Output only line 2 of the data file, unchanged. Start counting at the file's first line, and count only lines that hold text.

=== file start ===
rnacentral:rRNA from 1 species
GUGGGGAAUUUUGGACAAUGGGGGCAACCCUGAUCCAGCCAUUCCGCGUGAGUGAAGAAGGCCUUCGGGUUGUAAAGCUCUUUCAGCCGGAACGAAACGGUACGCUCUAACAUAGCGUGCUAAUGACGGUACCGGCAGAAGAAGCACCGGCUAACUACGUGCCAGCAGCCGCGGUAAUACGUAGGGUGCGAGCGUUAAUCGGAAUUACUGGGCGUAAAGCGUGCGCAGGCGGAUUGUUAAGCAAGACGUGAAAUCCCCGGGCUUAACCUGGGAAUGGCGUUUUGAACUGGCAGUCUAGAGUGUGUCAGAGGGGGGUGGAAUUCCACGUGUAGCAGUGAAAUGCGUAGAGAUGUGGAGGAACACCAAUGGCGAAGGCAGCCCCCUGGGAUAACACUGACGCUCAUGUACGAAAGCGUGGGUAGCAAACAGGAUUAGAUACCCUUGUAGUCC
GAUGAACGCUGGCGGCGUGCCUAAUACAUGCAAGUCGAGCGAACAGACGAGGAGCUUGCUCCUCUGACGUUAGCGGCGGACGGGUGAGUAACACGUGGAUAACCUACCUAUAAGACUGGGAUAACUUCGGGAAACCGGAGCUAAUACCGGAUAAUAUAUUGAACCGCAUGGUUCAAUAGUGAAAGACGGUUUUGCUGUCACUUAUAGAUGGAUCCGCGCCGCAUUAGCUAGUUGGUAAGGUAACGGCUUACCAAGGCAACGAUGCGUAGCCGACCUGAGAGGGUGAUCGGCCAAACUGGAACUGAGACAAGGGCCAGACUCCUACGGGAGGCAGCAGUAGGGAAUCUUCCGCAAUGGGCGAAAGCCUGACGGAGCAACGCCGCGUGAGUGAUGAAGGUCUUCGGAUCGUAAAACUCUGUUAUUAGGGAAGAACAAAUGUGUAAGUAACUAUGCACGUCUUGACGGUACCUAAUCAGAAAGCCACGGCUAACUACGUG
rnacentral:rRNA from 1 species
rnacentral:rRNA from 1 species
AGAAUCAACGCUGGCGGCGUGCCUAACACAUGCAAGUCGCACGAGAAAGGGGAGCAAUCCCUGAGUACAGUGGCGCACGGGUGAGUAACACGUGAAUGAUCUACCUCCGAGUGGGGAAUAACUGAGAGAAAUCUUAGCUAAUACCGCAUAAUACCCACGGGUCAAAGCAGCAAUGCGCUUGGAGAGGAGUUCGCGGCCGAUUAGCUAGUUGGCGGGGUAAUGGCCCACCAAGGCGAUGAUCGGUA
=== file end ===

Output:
GUGGGGAAUUUUGGACAAUGGGGGCAACCCUGAUCCAGCCAUUCCGCGUGAGUGAAGAAGGCCUUCGGGUUGUAAAGCUCUUUCAGCCGGAACGAAACGGUACGCUCUAACAUAGCGUGCUAAUGACGGUACCGGCAGAAGAAGCACCGGCUAACUACGUGCCAGCAGCCGCGGUAAUACGUAGGGUGCGAGCGUUAAUCGGAAUUACUGGGCGUAAAGCGUGCGCAGGCGGAUUGUUAAGCAAGACGUGAAAUCCCCGGGCUUAACCUGGGAAUGGCGUUUUGAACUGGCAGUCUAGAGUGUGUCAGAGGGGGGUGGAAUUCCACGUGUAGCAGUGAAAUGCGUAGAGAUGUGGAGGAACACCAAUGGCGAAGGCAGCCCCCUGGGAUAACACUGACGCUCAUGUACGAAAGCGUGGGUAGCAAACAGGAUUAGAUACCCUUGUAGUCC